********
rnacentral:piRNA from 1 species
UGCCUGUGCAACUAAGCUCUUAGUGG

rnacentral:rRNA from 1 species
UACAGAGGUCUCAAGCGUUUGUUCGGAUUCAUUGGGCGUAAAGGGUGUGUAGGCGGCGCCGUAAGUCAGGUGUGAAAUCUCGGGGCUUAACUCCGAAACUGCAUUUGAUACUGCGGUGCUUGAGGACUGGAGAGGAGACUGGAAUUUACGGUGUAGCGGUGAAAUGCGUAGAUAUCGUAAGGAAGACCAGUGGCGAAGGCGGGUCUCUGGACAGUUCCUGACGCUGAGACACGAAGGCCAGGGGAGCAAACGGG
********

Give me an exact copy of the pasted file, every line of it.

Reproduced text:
rnacentral:piRNA from 1 species
UGCCUGUGCAACUAAGCUCUUAGUGG

rnacentral:rRNA from 1 species
UACAGAGGUCUCAAGCGUUUGUUCGGAUUCAUUGGGCGUAAAGGGUGUGUAGGCGGCGCCGUAAGUCAGGUGUGAAAUCUCGGGGCUUAACUCCGAAACUGCAUUUGAUACUGCGGUGCUUGAGGACUGGAGAGGAGACUGGAAUUUACGGUGUAGCGGUGAAAUGCGUAGAUAUCGUAAGGAAGACCAGUGGCGAAGGCGGGUCUCUGGACAGUUCCUGACGCUGAGACACGAAGGCCAGGGGAGCAAACGGG